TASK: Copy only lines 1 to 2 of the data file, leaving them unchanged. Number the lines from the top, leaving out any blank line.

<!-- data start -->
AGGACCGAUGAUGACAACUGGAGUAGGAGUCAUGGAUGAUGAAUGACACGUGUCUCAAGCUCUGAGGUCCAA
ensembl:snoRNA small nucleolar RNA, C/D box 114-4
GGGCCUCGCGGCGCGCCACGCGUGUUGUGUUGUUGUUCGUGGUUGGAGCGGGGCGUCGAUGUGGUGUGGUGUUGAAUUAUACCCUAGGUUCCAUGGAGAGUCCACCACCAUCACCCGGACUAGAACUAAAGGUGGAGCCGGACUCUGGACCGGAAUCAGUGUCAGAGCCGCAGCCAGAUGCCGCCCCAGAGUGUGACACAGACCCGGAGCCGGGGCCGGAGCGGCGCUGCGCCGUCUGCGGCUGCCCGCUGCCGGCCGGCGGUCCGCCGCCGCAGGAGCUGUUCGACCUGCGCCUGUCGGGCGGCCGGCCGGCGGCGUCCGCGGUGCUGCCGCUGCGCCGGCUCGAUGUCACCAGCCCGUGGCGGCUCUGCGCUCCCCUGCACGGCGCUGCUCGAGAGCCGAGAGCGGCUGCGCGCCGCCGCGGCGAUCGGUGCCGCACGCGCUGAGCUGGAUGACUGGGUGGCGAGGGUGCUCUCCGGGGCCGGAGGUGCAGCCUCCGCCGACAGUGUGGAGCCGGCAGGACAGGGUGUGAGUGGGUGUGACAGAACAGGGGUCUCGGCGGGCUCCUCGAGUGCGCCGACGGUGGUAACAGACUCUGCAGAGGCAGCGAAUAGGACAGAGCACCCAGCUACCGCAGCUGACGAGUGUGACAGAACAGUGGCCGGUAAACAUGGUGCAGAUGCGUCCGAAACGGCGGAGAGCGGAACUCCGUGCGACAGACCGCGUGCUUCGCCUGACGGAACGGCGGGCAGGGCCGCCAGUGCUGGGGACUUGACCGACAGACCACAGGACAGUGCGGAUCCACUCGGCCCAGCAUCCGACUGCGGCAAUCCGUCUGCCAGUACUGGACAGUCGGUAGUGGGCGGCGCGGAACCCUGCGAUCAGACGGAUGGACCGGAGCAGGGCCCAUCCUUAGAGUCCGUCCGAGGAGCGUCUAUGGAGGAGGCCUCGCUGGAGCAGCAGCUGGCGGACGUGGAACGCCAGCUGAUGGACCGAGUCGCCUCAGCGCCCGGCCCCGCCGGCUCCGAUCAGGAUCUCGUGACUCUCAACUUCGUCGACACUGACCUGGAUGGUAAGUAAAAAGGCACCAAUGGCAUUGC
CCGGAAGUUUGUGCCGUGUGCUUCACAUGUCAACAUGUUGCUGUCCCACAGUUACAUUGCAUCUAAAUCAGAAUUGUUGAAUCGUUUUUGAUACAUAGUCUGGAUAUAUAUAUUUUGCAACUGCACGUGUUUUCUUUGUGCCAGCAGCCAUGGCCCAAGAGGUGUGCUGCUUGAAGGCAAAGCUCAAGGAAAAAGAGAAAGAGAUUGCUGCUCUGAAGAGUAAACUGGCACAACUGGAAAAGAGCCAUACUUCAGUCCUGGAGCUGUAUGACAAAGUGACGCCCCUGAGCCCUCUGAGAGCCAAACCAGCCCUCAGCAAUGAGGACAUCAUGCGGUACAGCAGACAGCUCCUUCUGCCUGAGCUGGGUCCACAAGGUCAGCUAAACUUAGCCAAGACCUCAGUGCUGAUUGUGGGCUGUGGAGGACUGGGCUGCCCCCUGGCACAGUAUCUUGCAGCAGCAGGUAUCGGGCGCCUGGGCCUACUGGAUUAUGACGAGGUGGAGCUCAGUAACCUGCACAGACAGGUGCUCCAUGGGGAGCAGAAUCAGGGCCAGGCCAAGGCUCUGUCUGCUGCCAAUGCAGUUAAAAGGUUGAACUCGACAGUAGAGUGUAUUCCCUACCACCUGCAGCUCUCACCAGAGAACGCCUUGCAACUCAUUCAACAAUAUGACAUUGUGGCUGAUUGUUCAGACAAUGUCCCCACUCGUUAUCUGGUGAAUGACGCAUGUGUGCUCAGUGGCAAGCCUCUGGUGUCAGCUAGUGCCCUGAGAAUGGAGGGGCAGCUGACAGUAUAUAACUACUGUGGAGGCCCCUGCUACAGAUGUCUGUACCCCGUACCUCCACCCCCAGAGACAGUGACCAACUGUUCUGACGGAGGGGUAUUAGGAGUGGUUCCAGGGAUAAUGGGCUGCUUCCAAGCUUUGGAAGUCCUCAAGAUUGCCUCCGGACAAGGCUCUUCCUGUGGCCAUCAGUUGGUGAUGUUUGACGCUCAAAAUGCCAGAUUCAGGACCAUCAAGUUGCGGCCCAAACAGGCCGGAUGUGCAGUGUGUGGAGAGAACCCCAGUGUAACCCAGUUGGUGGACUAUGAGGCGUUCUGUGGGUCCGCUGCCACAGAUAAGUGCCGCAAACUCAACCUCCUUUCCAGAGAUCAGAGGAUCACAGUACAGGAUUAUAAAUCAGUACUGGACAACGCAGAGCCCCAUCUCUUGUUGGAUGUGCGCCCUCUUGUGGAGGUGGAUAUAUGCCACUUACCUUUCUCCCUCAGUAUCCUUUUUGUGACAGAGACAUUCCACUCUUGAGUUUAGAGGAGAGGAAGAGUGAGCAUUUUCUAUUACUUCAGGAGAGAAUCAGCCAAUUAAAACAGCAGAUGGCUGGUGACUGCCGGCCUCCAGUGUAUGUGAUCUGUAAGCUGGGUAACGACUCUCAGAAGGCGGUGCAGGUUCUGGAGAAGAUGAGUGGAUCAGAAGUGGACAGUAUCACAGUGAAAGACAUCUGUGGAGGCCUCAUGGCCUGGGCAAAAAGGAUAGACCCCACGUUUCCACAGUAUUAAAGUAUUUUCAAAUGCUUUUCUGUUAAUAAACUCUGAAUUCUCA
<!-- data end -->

AGGACCGAUGAUGACAACUGGAGUAGGAGUCAUGGAUGAUGAAUGACACGUGUCUCAAGCUCUGAGGUCCAA
ensembl:snoRNA small nucleolar RNA, C/D box 114-4